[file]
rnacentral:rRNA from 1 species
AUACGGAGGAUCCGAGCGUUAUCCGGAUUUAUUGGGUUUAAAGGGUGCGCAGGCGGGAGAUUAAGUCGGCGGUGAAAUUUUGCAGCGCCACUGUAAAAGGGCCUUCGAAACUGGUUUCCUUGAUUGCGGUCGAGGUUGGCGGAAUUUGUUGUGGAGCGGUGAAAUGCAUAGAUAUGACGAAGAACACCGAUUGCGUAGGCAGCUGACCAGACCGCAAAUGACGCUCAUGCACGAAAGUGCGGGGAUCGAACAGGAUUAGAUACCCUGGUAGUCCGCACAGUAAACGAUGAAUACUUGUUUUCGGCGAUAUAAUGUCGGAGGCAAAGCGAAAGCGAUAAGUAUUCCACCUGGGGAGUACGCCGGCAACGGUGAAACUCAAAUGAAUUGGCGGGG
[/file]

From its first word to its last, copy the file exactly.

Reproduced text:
rnacentral:rRNA from 1 species
AUACGGAGGAUCCGAGCGUUAUCCGGAUUUAUUGGGUUUAAAGGGUGCGCAGGCGGGAGAUUAAGUCGGCGGUGAAAUUUUGCAGCGCCACUGUAAAAGGGCCUUCGAAACUGGUUUCCUUGAUUGCGGUCGAGGUUGGCGGAAUUUGUUGUGGAGCGGUGAAAUGCAUAGAUAUGACGAAGAACACCGAUUGCGUAGGCAGCUGACCAGACCGCAAAUGACGCUCAUGCACGAAAGUGCGGGGAUCGAACAGGAUUAGAUACCCUGGUAGUCCGCACAGUAAACGAUGAAUACUUGUUUUCGGCGAUAUAAUGUCGGAGGCAAAGCGAAAGCGAUAAGUAUUCCACCUGGGGAGUACGCCGGCAACGGUGAAACUCAAAUGAAUUGGCGGGG